"Oh boy! Kiwi fruit. My favorite!" replied Sean. The fruit was part of Diane and Greg's haul from Buy-Rite. The Weet-Bix had been donated in bulk by Sanitarium Health Foods.

Sean ate his breakfast quietly, listening intently to the conversation going on around him. He had never lived with other children, and the others treated him so much like an adult that he often believed he was on a par with the rest of them.

"Is Martha going to marry one of the people from the other group?" he asked during a lull in the conversation?

"I don't think so," said Diane.

"If she doesn't marry them, can I marry her?"

"You're a little too young to get married now," said Diane. "Why do you want to marry Martha?" "Because if I marry her, then she won't want to leave us, and she'll stay with us all the time." Over the years a number of people had come and gone from the little fellowship. A few had moved on, like Martha, to join other communities. But most had simply returned to their former life after a few weeks or a few months with the Bin Raiders. Sean had seen several members leave during his short life.

"God wants us to think about his big big big family," said Diane. "Martha is still in God's family, even when we can't see her. You can write to her, and maybe sometime we'll go and see her. Won't that be fun?"

"Can I go see her today?"

"Not today. But you can write to her today. How would that be?"

"Can I do it for my school work?"

"Sure, you can do that," said Diane with a playful touch of Sean's chin.

Then, after a pause, Sean added, "But I still want to read an extra story."

Diane had been teaching Sean to read and write from the time he was two years old. He knew hundreds of words already and he had started to teach himself new ones by devouring more and more books. He would type his own letters too, using the computer. Diane had worked hard to make learning a treat rather than a chore, and it was already paying off.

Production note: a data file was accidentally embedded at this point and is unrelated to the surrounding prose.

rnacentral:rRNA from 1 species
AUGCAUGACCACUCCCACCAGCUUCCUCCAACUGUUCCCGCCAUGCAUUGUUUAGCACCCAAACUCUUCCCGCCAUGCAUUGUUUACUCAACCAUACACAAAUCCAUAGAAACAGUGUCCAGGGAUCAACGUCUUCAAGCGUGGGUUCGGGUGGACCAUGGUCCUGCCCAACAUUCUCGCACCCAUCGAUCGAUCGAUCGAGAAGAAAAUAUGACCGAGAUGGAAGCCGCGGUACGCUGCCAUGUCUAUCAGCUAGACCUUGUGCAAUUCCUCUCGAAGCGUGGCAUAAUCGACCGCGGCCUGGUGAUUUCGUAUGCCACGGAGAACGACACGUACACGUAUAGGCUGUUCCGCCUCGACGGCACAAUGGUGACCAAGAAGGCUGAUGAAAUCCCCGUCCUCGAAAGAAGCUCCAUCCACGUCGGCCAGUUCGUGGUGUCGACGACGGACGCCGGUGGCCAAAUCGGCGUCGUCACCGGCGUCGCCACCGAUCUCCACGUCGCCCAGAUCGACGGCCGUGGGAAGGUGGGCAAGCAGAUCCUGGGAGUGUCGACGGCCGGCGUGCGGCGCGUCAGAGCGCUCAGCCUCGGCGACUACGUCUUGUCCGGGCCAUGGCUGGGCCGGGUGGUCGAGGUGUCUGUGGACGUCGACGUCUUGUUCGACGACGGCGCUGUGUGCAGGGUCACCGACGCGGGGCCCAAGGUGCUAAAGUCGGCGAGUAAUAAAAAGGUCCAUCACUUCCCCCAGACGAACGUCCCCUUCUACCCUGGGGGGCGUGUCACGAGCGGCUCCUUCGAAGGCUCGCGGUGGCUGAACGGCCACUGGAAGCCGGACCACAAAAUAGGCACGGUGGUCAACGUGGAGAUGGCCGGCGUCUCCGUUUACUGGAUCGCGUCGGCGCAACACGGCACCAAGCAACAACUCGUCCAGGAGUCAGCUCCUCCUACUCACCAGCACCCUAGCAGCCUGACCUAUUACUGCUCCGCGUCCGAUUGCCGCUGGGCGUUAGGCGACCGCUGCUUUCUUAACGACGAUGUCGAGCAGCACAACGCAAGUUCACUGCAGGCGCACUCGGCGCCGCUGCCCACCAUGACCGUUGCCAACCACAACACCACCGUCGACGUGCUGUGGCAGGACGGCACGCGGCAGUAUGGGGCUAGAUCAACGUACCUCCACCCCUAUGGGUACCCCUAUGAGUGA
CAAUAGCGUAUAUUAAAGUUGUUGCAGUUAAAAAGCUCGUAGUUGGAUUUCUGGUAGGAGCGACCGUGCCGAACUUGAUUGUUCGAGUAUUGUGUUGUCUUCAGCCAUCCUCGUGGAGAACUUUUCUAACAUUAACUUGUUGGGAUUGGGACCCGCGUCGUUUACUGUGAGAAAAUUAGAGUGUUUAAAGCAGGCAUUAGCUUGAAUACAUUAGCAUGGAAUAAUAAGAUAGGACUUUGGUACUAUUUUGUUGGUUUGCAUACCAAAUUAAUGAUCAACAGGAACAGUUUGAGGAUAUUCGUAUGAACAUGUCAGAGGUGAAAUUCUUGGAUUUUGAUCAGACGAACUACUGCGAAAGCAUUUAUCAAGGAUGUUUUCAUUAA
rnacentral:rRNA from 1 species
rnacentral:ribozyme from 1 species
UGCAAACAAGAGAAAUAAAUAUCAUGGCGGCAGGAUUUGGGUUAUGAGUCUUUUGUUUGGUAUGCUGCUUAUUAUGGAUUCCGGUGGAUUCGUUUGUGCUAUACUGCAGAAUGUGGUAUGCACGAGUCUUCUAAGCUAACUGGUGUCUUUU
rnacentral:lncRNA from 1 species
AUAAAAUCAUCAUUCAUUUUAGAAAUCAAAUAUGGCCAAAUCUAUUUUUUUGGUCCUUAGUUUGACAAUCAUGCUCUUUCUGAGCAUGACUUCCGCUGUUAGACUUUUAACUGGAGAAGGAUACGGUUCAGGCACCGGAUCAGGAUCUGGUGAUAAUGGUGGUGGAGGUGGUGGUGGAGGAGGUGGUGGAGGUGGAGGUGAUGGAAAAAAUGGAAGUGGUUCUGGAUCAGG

Juan and Diane could not be certain that Sean wasn't some kind of a genius as well. But whether it came from their genes or from their teaching ability, Sean was a powerful testimony for the benefits of their lifestyle.

His complexion was dark, like his father's; he was short for his age, like his mother; and he was full of boundless energy like both of his parents.

It was almost noon before Sean had finished his reading and writing exercises and was ready to leave for the beach with the other members of the community. He clambered into the back of the van, still clutching a book that he had decided to take with him to read at the beach.

When they arrived, Diane laid out their lunch on a blanket; Sean settled down with his book; and Greg, Juan, Dave, and Anna had a preliminary stroll around the surrounding streets.

After lunch a further search led to plans for four dif ferent escape routes, to be used in the event of an emergency the following week. Two of the routes went through apartment buildings and over backyard fences, and two of them went in opposite directions on the beach itself. Hiding places included the toilet block roof, a nearby tree, some thick bushes, and the surf lifesaving club's boat shed. The shed was built into the beach retaining wall. They had discovered during their all-night surveillances that it was regularly left unlocked overnight.

At one stage, Greg and Juan had strolled up a private driveway beside a house that was situated half a block away from the beach. A nature reserve was on the far side of the block, and they believed that this was the shortest route to it.

They hopped over a low fence, and just as they entered the backyard, they spotted four people seated around a picnic table. Juan's heart stopped. They had hardly expected to interrupt a barbecue at three in the afternoon on a weekday in August. Everyone at the table turned to look at the two men in surprise as they entered the yard. It was too late to back out now, but Greg displayed the same charm that had worked so well in the Buy-Rite confrontation the day before. He smiled broadly and nodded in the direction of the table, while Juan did the best he could to hide his shaking hands.

"G'day. Did ya' see a little black and white kitten come this way?" Greg asked.

"No, I didn't see one. Did you?" the residents each asked of the others. Greg had succeeded in overcoming any suspicion.

"Look, there it is. In the park!" said Greg as he raced for the back fence and vaulted it.

Several people jumped up from the table to see the kitten for themselves. It was apparently out of sight before they reached the fence, although Greg was (apparently) racing keenly after it, shouting, "Domino! Here, Domino!"

"I'll go 'round this way and see if we can corner it," said Juan bashfully as he backed quickly out of the driveway.